Open Letter - on the topic of relaxing the ban on sewage sludge/biosolids spreading on the land
After much research and consultation, the CRD is about to reverse a previous decision made sometime around 2011 that protects our environment, watershed and the health of rural residents. The earlier decision banned the application of toxic biosolids on land. What has changed since that earlier vote is that more is known about the toxicity levels contained in sludge/biosolids, and that other communities are using far superior methods that cost a fraction of what we're going to pay and they completely save the environment from toxins.
The value of biosolids as a fertilizer for trees is more than offset by the highly toxic nature of biosolids, which contain up to 85,000 different virtually indestructible chemicals, superbugs (multi-drug resistant bacteria) which breed in all sewage treatment plants, micro-plastics and micro-fibres which absorb many toxins on their surface. The plants grown on sludge contaminated lands take up these chemicals which then end up in our food and the effluent from those lands contaminates our streams, rivers and oceans, including the fish we eat.
A recent 2019 study shows that POPs (persistent organic pollutants) in the root level of sewage treated soils indicate extremely high stability and low degradability of a large variety of these chemicals.
A January 2020 study from France indicates that chemical pollution has reached unprecedented levels with every child being born “precontaminated” with hundreds of chemicals many of which can interfere with brain development. These epigenetic interactions are now being increasingly researched and documented. The chemicals get into our environment and into our bodies via industrial and urban waste water treatment plants and via the use of sewage sludge on the land as fertilizer.
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A recent paper described a group of 4700 man made chemicals called PFAS. They are used in a wide variety of consumer products and industrial applications and they have been implicated in developmental defects in unborn child. Reuse of sewage sludge as fertilizer has led to PFAS pollution of soil and water in Austria, Germany, Switzerland and the US.
“The new European Commission is finally recognizing the need to strive for a non-toxic environment.”
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Many countries in Europe, including Switzerland, Sweden and Germany are turning away from this polluting strategy and banning the use of biosolids on the land. So why are we choosing such an environmentally damaging strategy when there are much better and safer ways to turn sewage sludge into energy.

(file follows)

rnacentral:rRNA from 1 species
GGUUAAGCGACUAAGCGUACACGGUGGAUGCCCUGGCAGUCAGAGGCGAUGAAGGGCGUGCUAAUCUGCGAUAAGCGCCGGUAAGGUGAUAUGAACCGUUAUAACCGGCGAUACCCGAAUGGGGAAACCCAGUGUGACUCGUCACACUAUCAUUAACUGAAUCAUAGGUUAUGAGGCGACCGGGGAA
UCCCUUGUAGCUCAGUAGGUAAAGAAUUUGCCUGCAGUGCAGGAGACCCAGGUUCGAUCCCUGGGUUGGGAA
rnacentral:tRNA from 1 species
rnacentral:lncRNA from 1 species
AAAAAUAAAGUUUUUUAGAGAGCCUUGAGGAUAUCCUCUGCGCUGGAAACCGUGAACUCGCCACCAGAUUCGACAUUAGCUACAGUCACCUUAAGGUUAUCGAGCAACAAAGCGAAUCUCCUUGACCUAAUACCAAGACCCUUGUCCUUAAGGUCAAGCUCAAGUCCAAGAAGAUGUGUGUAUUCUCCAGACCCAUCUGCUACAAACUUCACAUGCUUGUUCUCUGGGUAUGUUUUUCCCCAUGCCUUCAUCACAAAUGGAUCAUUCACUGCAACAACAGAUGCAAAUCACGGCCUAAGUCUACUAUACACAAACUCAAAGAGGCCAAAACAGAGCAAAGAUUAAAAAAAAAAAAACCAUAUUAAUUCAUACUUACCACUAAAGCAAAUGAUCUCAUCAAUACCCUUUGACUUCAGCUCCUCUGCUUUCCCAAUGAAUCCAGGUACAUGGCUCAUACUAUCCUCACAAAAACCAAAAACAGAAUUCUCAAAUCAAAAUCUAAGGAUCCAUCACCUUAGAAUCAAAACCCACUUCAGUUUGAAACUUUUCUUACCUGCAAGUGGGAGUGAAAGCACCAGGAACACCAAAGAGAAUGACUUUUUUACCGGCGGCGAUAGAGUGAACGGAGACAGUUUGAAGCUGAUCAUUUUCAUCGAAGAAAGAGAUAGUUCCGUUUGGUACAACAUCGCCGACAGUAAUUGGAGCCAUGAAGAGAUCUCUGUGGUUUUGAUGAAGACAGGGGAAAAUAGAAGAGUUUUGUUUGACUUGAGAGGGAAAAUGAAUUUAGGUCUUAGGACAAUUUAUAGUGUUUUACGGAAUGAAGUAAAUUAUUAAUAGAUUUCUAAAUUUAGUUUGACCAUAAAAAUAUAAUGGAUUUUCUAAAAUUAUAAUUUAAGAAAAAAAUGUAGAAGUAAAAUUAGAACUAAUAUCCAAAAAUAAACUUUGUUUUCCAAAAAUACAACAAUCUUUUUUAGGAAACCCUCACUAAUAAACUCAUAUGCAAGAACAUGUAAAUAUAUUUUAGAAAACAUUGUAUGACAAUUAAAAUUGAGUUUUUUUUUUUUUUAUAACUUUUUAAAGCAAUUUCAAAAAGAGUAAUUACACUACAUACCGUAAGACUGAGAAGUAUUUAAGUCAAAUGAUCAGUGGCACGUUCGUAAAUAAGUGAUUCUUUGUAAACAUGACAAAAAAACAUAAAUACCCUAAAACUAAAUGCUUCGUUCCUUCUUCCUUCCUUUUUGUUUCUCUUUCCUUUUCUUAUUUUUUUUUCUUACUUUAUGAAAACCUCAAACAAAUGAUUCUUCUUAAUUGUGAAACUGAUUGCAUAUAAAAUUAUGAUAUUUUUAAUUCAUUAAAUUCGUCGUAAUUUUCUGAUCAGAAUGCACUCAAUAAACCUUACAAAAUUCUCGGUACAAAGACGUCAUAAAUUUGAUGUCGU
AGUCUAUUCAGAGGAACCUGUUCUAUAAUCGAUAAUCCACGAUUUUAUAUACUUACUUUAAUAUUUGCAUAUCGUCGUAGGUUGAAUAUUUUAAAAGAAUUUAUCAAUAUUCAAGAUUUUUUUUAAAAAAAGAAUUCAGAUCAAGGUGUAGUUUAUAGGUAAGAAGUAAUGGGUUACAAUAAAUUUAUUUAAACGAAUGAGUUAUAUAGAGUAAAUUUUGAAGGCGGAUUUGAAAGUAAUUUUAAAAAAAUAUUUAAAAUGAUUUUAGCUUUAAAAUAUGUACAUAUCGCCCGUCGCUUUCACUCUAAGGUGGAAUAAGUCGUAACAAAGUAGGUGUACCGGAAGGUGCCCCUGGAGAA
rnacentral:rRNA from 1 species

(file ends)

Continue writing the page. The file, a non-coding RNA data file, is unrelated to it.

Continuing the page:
Furthermore, why are we choosing much more expensive process that only turns half of the energy in sludge into methane and the other leftover half is being shipped to kilns in Richmond. The CRD has environmentally damaging plan to spray the sludge on the land for 6 weeks of the year when the cement kilns are shut down. The New York/New Jersey metropolitan area(s) have a lowest cost plan to dispose of their sludge/biosolids in a gasifier being built by Aries Clean Energy at Aries Linden Roselle Sewerage Authority in Linden NJ. The cost for the Aries Linden facility will be US$50 million and it will serve population of 13.5 million people. This plant will operate only on sewage sludge with no need to build hugely expensive anaerobic digesters and will be in full operation in Q4 of 2020 .
In contrast the cost for the CRD system will be Can$ 330 million and the system will only turn 50% of the amount of sludge into energy ie. methane and will serve population of 368,000 people. In contrast the NJ gasifier will cost only a fraction (6%) of what the CRD will pay, while serving a population 37 times larger.
I understand that the CRD had two beneficial use proposals to build gasifiers to turn biosolids into electricity, but those proposals were not chosen. In fact, a lot of taxpayers money could have been saved by not building anaerobic digesters and simply gasifying sewage sludge directly. That approach would also provide a permanent solution so it would not have to be shipped anywhere. The sludge could be stored until the gasifier is built and that would satisfy the ministers requirement for beneficial use.
A more detailed review of this topic can be found here:
case_studies/bringing-clean- sustainable-biosolids- gasification-to-new-jersey/
Thomas Maler, Ph.D